It was interesting seeing this film with an audience that probably expected what the trailer promised: something akin to a Jason Statham action flick with Ryan Gosling in the lead role. Instead, three-quarters of the film is meandering with sequences of sparse exchanges between Driver and his romantic interest – scenes that will probably be characterized as “slow” -punctuated by brief, jarring scenes of brutal and graphic violence. The audience cheered at the sections when characters get stabbed or killed; the quieter sequences were watched with an almost palpable trepidation that the film would have no action as promised.

It’s a polarizing experience – if you enjoy heist-gone-wrong films and can stomach brutal (I emphasize brutal – think Eastern Promises-style violence) then you’ll probably find a lot to love about the film. However, if art films are off-putting and sequences of minimal dialogue coupled with inexpressive performances aren’t your idea of entertainment, it may be best to wait to rent this one. In my opinion, it’s a fresh and stylish take on an well-worn genre with a great soundtrack and a glimpse of what could be our generation’s Clint Eastwood – that old Mickey Mouse Club kid Gosling.

Grade: B+

Crazy, Stupid, Love.

Well, it's half right.

When the credits rolled on Crazy, Stupid, Love I noticed that it credited two directors – Glenn Ficarra and John Requa. That’s when I understood the wildly different tonal shifts, multiple (unnecessary) subplots, and why Crazy, Stupid, Love feels like three different movies in one.

Cal (Steve Carell) and wife Emily (Julianne Moore) are getting a divorce. She’s slept with a colleague at work (Kevin Bacon in a meatless role) and she wants out. Cal is heartbroken. He’s moves out of the house and into a small apartment, spending his nights at a nameless club where he drinks vodka-cranberries and grumbles about his wife’s affair for the entire bar to hear. He’s in a sad state of affairs – and so is the movie at this point.

Enter Jacob (Ryan Gosling) the sympathetic womanizer (do these people exist in the real world?) who takes Cal under his wing to give him a make-over and regain the confidence that he’s lost. Gosling is without a doubt the strongest part of the film as Jacob, exuding charisma and charm effortlessly while also showing tenderness and vulnerability in quieter scenes. He’s a fully-fleshed out character in a film of half-cooked ones.

That’s the biggest problem of Crazy, Stupid, Love – it loves all of its characters so much that it doesn’t realize that the film would be better if it cut a few…or four. There’s the seventeen year-old babysitter of the family who is given way too much screen time harboring a secret crush on Cal, which leads to a queasy and uncomfortable subplot (having seen David Schwimmer’s sexual predator film Trust a few days before certainly didn’t help matters). There’s David Lindhagen (Kevin Bacon), the man Emily has an affair with, who’s given a handful of scenes to smile and laugh at her before the obligatory confrontation scene with Cal. Then there’s Cal and Emily’s son Robbie (Jonah Bobo), who spends the film  waxing philosophically about soul mates and true love and urges his Dad to “fight” for his mother if she really means something to him. I don’t think he has a scene without mentioning “love” or some variation thereof – he’s a little too sweet.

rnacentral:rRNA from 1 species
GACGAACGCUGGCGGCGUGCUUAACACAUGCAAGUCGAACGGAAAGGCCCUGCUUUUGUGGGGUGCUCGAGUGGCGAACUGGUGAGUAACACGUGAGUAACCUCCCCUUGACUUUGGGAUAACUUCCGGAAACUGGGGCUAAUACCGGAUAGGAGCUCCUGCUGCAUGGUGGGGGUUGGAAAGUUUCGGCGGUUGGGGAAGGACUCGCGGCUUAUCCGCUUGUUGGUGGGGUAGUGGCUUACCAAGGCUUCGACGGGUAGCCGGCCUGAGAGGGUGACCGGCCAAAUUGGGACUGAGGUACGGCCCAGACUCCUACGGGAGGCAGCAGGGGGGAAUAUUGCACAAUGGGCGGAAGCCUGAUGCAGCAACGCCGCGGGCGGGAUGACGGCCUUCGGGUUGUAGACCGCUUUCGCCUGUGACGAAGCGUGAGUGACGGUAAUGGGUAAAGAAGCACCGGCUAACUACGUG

There’s a great movie itching to claw its way out of this one. Crazy, Stupid, Love has its moments of brilliance (such as rumbling jungle music accompanying Ryan Gosling – to show what a stud he is) and there’s a fantastic climatic scene that eschews our expectations of the “Grand Romantic Moment”  and gathers all the characters together for conflict and a surprising revelation. There’s also poignancy, anchored by a strong performance by Steve Carell in the film’s third act where he’s tried to make things right and has only succeeded in making them worse. He has a powerful scene with Ryan Gosling where he utters a single sentence that breaks his former mentor. It’s just too bad that all these great moments had to be bogged down by awful subplots, one-note characters, and a meandering storyline that oftentimes will ignore the main thread (Cal and Emily’s crumbling marriage) in favor of creating new ones (Robbie loves his babysitter, Gosling falls for Emma Stone). A few more months in the editing room would’ve done this film wonders.

Crazy, Stupid, Love is unsure about what it wants to be. It’s sold as a simple romantic comedy, but it’s more complex than that. It has a plot line that seems like a Hitch clone. It has emotionally poignant and affecting moments, but it also has that Ryan Gosling jungle music. In short, it needs more confidence in what it’s trying to say. And it may help if it wasn’t directed by two different people – one who thought they were making a comedy and another who thought they were making a drama.

Grade: C+

Side note: I know that I haven’t mentioned Emma Stone that much in this review. Yes, she is in the movie. Unfortunately most of the arc of her story has been told in the trailer (i.e. she ends up seeing Gosling’s abs) and she isn’t in the film all that much (ten minutes, tops). Just be aware that even though she’s featured prominently in the advertising for the film, her role is mostly a glorified cameo.